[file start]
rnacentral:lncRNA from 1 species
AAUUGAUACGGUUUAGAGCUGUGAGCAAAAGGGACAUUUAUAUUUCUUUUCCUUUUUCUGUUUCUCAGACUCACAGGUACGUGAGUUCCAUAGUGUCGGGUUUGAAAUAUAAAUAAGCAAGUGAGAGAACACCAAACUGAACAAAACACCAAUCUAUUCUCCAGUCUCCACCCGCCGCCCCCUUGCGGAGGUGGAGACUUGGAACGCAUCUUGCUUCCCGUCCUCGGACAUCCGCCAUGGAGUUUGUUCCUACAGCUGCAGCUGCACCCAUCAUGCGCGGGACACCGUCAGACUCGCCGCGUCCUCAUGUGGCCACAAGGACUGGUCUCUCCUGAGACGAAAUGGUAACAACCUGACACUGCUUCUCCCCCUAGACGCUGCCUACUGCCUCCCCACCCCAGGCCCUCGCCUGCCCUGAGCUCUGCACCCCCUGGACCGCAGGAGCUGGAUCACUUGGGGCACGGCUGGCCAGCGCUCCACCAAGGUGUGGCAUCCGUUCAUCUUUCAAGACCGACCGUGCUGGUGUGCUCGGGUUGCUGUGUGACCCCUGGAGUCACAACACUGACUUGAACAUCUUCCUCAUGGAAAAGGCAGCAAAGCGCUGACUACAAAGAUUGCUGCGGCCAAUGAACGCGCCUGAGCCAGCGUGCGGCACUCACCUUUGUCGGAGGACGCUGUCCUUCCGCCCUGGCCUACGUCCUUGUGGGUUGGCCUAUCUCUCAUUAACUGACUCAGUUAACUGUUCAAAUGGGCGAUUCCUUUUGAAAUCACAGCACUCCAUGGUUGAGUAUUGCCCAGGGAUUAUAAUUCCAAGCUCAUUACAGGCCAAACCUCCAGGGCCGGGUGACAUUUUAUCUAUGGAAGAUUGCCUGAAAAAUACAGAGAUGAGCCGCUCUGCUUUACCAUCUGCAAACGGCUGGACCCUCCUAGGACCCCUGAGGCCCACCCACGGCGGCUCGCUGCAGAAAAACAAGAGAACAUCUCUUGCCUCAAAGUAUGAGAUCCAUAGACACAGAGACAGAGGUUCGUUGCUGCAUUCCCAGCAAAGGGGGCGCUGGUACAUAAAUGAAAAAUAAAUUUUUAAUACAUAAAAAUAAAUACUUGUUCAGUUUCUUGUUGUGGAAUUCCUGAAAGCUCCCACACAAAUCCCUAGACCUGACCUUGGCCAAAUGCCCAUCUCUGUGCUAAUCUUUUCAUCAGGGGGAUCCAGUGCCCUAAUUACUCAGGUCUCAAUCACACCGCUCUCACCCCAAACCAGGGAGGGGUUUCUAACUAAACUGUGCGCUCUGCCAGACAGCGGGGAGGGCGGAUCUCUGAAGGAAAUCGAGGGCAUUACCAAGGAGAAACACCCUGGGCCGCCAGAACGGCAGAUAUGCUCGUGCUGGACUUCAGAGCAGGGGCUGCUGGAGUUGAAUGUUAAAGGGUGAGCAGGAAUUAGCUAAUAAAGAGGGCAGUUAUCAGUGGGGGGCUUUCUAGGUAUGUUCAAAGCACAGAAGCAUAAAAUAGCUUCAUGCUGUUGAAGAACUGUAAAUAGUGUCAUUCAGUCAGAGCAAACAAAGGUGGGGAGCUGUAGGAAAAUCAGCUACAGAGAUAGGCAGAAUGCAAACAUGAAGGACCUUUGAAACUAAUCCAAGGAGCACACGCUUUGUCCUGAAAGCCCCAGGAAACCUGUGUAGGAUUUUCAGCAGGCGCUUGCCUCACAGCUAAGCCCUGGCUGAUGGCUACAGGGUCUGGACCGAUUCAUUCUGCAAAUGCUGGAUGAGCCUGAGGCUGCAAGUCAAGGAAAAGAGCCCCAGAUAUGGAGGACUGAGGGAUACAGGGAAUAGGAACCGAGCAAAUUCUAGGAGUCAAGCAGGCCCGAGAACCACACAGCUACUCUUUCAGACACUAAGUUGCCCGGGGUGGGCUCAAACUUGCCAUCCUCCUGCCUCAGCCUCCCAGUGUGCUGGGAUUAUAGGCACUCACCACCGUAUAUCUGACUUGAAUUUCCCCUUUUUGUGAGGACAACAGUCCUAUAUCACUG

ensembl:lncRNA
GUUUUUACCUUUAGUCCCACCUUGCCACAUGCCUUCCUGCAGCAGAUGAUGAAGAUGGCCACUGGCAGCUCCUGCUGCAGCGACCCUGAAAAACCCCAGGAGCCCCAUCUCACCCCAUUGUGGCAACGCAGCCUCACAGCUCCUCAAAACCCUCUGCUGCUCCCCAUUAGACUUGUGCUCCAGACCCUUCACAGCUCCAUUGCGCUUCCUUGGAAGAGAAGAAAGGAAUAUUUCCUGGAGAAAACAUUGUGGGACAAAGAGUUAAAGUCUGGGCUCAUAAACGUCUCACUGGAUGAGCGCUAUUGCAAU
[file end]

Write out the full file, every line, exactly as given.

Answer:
rnacentral:lncRNA from 1 species
AAUUGAUACGGUUUAGAGCUGUGAGCAAAAGGGACAUUUAUAUUUCUUUUCCUUUUUCUGUUUCUCAGACUCACAGGUACGUGAGUUCCAUAGUGUCGGGUUUGAAAUAUAAAUAAGCAAGUGAGAGAACACCAAACUGAACAAAACACCAAUCUAUUCUCCAGUCUCCACCCGCCGCCCCCUUGCGGAGGUGGAGACUUGGAACGCAUCUUGCUUCCCGUCCUCGGACAUCCGCCAUGGAGUUUGUUCCUACAGCUGCAGCUGCACCCAUCAUGCGCGGGACACCGUCAGACUCGCCGCGUCCUCAUGUGGCCACAAGGACUGGUCUCUCCUGAGACGAAAUGGUAACAACCUGACACUGCUUCUCCCCCUAGACGCUGCCUACUGCCUCCCCACCCCAGGCCCUCGCCUGCCCUGAGCUCUGCACCCCCUGGACCGCAGGAGCUGGAUCACUUGGGGCACGGCUGGCCAGCGCUCCACCAAGGUGUGGCAUCCGUUCAUCUUUCAAGACCGACCGUGCUGGUGUGCUCGGGUUGCUGUGUGACCCCUGGAGUCACAACACUGACUUGAACAUCUUCCUCAUGGAAAAGGCAGCAAAGCGCUGACUACAAAGAUUGCUGCGGCCAAUGAACGCGCCUGAGCCAGCGUGCGGCACUCACCUUUGUCGGAGGACGCUGUCCUUCCGCCCUGGCCUACGUCCUUGUGGGUUGGCCUAUCUCUCAUUAACUGACUCAGUUAACUGUUCAAAUGGGCGAUUCCUUUUGAAAUCACAGCACUCCAUGGUUGAGUAUUGCCCAGGGAUUAUAAUUCCAAGCUCAUUACAGGCCAAACCUCCAGGGCCGGGUGACAUUUUAUCUAUGGAAGAUUGCCUGAAAAAUACAGAGAUGAGCCGCUCUGCUUUACCAUCUGCAAACGGCUGGACCCUCCUAGGACCCCUGAGGCCCACCCACGGCGGCUCGCUGCAGAAAAACAAGAGAACAUCUCUUGCCUCAAAGUAUGAGAUCCAUAGACACAGAGACAGAGGUUCGUUGCUGCAUUCCCAGCAAAGGGGGCGCUGGUACAUAAAUGAAAAAUAAAUUUUUAAUACAUAAAAAUAAAUACUUGUUCAGUUUCUUGUUGUGGAAUUCCUGAAAGCUCCCACACAAAUCCCUAGACCUGACCUUGGCCAAAUGCCCAUCUCUGUGCUAAUCUUUUCAUCAGGGGGAUCCAGUGCCCUAAUUACUCAGGUCUCAAUCACACCGCUCUCACCCCAAACCAGGGAGGGGUUUCUAACUAAACUGUGCGCUCUGCCAGACAGCGGGGAGGGCGGAUCUCUGAAGGAAAUCGAGGGCAUUACCAAGGAGAAACACCCUGGGCCGCCAGAACGGCAGAUAUGCUCGUGCUGGACUUCAGAGCAGGGGCUGCUGGAGUUGAAUGUUAAAGGGUGAGCAGGAAUUAGCUAAUAAAGAGGGCAGUUAUCAGUGGGGGGCUUUCUAGGUAUGUUCAAAGCACAGAAGCAUAAAAUAGCUUCAUGCUGUUGAAGAACUGUAAAUAGUGUCAUUCAGUCAGAGCAAACAAAGGUGGGGAGCUGUAGGAAAAUCAGCUACAGAGAUAGGCAGAAUGCAAACAUGAAGGACCUUUGAAACUAAUCCAAGGAGCACACGCUUUGUCCUGAAAGCCCCAGGAAACCUGUGUAGGAUUUUCAGCAGGCGCUUGCCUCACAGCUAAGCCCUGGCUGAUGGCUACAGGGUCUGGACCGAUUCAUUCUGCAAAUGCUGGAUGAGCCUGAGGCUGCAAGUCAAGGAAAAGAGCCCCAGAUAUGGAGGACUGAGGGAUACAGGGAAUAGGAACCGAGCAAAUUCUAGGAGUCAAGCAGGCCCGAGAACCACACAGCUACUCUUUCAGACACUAAGUUGCCCGGGGUGGGCUCAAACUUGCCAUCCUCCUGCCUCAGCCUCCCAGUGUGCUGGGAUUAUAGGCACUCACCACCGUAUAUCUGACUUGAAUUUCCCCUUUUUGUGAGGACAACAGUCCUAUAUCACUG

ensembl:lncRNA
GUUUUUACCUUUAGUCCCACCUUGCCACAUGCCUUCCUGCAGCAGAUGAUGAAGAUGGCCACUGGCAGCUCCUGCUGCAGCGACCCUGAAAAACCCCAGGAGCCCCAUCUCACCCCAUUGUGGCAACGCAGCCUCACAGCUCCUCAAAACCCUCUGCUGCUCCCCAUUAGACUUGUGCUCCAGACCCUUCACAGCUCCAUUGCGCUUCCUUGGAAGAGAAGAAAGGAAUAUUUCCUGGAGAAAACAUUGUGGGACAAAGAGUUAAAGUCUGGGCUCAUAAACGUCUCACUGGAUGAGCGCUAUUGCAAU